This past Friday, November 10th, MUXL was proud to present its third edition of the annual Mobile UX London Conference. This year’s event welcomed over 200 attendees to the distinguished De Vere West One venue in Oxford Circus for a day of compelling presentations, hands-on workshops and opportunities for strengthening the community of UX experts in the UK and beyond.

Our host Jiri Jerabek, Principal Interaction Designer at Intuit, kicked off the event by setting the tone for an exciting day ahead and introducing the keynote speakers, Bamba & Sukhada Jog, our special guests from the Airbnb’s HQ in Silicon Valley. Their exploration of the advantages and challenges their team encountered throughout the development of the mobile app for hosts using the holiday rental platform made their talk “Designing for the alleyway: Addressing the Discomfort of Travel” one of the immediate highlights of MUXL2017.

Following a short break for coffee, Stratis Valachis from Aviva, Shelbian Fung from Google and Hollie Lubbock from Fjord zeroed in on AI & Chatbots, one of the hot topics in the tech industry, and UX’s responsibility to help it enhance human-to-human interaction instead of disrupting it. Shelbian focused mainly on the particular case study of Google Allo and how chatbots should be seamlessly integrated into the habits that already define the chat medium. Both Stratis and Hollie offered practical ways of making this happen using the power of conversational interfaces through the use of various types of language (i.e text, voice, gestures) to simplify commands and making design decisions using user data.


Continuing the discussion on using datasets to inform the architecture and design of mobile UX, Lucy McCulloch from Education First, Jan Srutek from Trainline and Vikki Paterson from IBM’s Watson IoT took the stage to share how they manage to optimize this process within their respective organizations. Jan’s experience of using data to build the Trainline mobile app to help people find a seat on the train, had him pairing data scientists with designers to make sure their app was usable, scalable and useful in different contexts. In Lucy’s case, launching EF English Live, also entailed crossing linguistic boundaries and combining quantitative as well as qualitative insight into a diverse set of users to make optimal product design decisions. At Watson, Vikki makес use of IBM’s resources to design for the IoT ecosystem with the help of her team. Using data collected from the spectrum of individual habits, needs, and the way we use our devices, her work has the potential to impact the way we approach many aspects of daily life in the future.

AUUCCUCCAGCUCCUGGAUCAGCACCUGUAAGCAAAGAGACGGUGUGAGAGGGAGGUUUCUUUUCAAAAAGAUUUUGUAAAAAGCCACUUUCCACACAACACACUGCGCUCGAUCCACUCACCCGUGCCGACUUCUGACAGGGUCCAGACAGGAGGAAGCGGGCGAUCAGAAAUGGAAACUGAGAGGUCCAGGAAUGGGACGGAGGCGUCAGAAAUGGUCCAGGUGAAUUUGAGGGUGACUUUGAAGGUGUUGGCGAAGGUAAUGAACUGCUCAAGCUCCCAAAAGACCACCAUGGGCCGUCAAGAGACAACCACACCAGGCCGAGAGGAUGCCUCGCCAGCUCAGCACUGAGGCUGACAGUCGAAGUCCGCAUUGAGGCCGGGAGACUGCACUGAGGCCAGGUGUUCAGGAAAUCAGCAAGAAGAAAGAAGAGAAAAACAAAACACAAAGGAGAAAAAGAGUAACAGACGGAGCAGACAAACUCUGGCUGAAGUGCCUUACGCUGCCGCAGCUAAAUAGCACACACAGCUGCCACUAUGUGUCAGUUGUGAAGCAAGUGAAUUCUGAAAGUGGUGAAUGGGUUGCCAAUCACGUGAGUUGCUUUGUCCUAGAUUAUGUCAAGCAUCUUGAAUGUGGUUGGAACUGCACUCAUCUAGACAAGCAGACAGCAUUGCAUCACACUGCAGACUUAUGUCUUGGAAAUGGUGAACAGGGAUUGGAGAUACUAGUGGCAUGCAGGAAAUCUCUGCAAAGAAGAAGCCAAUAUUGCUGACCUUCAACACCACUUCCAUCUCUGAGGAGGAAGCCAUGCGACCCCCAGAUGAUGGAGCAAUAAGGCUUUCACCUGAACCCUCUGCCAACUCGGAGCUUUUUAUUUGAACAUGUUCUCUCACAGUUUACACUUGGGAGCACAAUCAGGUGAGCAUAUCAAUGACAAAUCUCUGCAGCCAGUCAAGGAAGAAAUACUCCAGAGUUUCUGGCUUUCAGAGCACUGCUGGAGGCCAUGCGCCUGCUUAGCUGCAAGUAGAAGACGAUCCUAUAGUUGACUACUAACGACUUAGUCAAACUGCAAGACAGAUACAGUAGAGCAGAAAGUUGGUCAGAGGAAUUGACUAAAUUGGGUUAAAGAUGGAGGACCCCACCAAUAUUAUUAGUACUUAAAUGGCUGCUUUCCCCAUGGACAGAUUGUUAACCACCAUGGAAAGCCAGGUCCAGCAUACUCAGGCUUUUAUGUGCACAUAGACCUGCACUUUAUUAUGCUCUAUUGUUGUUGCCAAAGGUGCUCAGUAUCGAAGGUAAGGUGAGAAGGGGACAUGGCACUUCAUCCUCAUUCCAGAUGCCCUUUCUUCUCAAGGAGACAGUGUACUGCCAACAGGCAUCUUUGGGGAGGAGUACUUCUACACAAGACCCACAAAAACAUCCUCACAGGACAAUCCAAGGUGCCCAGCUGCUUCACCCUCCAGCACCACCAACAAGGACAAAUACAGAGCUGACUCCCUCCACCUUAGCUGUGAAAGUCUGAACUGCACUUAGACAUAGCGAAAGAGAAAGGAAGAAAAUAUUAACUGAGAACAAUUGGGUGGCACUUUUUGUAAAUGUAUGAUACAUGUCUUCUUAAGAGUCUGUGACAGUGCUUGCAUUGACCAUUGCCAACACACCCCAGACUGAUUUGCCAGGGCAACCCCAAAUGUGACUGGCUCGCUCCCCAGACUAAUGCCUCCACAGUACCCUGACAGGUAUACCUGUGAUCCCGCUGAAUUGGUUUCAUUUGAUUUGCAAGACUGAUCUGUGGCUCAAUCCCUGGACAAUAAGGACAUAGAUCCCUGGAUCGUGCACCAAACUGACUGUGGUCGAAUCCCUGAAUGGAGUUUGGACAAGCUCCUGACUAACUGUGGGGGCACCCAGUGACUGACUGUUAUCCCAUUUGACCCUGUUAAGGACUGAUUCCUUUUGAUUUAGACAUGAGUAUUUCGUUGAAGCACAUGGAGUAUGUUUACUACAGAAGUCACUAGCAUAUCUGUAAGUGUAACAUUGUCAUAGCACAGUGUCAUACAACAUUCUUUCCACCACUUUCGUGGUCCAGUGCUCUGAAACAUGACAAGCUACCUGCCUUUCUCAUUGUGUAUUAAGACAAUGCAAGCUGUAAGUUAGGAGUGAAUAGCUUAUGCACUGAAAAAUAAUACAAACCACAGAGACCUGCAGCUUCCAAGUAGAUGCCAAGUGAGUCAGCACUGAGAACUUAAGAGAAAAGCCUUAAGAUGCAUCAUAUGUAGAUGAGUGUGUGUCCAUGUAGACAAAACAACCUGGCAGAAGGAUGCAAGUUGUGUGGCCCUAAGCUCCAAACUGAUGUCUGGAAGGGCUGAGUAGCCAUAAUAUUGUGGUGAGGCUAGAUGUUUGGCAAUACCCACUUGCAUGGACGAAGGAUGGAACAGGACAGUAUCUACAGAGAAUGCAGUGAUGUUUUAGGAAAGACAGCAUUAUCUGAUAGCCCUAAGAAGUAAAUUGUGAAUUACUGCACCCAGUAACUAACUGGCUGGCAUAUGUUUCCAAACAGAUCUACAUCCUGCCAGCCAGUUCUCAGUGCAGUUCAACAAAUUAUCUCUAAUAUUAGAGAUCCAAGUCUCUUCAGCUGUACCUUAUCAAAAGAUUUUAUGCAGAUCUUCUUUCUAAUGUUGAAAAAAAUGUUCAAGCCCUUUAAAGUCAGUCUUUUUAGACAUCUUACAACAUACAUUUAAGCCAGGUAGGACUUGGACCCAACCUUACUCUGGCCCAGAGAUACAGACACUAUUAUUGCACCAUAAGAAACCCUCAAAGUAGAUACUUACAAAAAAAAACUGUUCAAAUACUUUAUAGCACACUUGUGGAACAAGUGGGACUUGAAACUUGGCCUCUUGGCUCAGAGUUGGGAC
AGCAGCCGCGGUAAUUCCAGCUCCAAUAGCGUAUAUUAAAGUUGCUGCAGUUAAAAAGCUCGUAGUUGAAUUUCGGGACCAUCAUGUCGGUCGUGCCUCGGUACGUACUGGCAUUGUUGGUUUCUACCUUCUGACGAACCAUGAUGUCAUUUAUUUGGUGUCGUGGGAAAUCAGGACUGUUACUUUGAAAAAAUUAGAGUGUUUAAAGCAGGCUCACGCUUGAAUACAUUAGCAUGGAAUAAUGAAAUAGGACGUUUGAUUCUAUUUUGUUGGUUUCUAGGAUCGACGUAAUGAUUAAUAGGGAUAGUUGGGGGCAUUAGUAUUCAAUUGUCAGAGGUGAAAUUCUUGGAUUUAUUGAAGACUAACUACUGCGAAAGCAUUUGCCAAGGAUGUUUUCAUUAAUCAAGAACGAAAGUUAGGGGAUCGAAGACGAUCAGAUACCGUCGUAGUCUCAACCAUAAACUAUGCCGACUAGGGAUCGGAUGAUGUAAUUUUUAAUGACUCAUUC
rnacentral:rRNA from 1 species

Following a delicious and social lunch break at the De Vere restaurant, Christophe Mallet, Savraj Matharu and Lara Hanlon from IBM Design Thinking carried us forward into an afternoon that had us all considering the role of the UX designer as storyteller. With examples of virtual and augmented reality experiments, Christophe and Savraj told us more about how we can design for a truly holistic experience using VR and AR. The prospect of intensely affecting human behavior using these transformative technologies gives a lot of power to designers and the brands for which they work. Lara pointed out that Design Thinking principles could come in handy when 100+ year old tech companies (in her case) venture to design complex systems with many moving parts for users who are no longer just spectators.

As a supplement to the talks in the main space, huddle workshops on similar topics as were already part of the agenda, such as chatbots, conversational UI and inclusive design took place in parallel in the surrounding rooms. This allowed attendees to float in and out of any talks that interested them and sign up for the workshops for a deeper dive into a certain topic. In effect, tailoring the program of the event to their particular interests.

To top off the fruitful day, a series of 5 minute lightning talks before our closing speaker, gave community newcomers a stage to introduce their projects and share findings from their own endeavours in UX.

In closing, Julian Caraulani, Senior UX Designer at Samsung UK, unpacked his position that, when it comes to the excitement around IoT, there is much talk and little movement to justify it. Julian claims that the emerging economy of smart objects gives designers the opportunity to unlock latent behaviour and create a seamless experience by extracting value from connected everything. He warns against paralysis by analysis and shares some winning (and some not so winning) strategies he has observed firsthand during this work at Orange and, more recently, Samsung.

In addition to insight into the trends in modern mobile UX, some lucky attendees also left the venue with prizes from our sponsors.

When the MUXL Conference came to a close with some final remarks from our host, Jiri and the founder of MUXL, Naveed Ratansi, everyone gravitated towards the common areas to grab a drink and mingle with other attendees. In the crowd, we saw some familiar faces, some newcomers, speakers and attendees hashing out their opinions on the future of their industry and meaningful connections being forged. It was a truly electric atmosphere that carried on even after the event had concluded, into the evening.

In case you missed this year’s event, we will be carrying on the MUXL tradition again next year, growing the conference by taking our experience of what it means to run a truly successful event for our industry ever forward.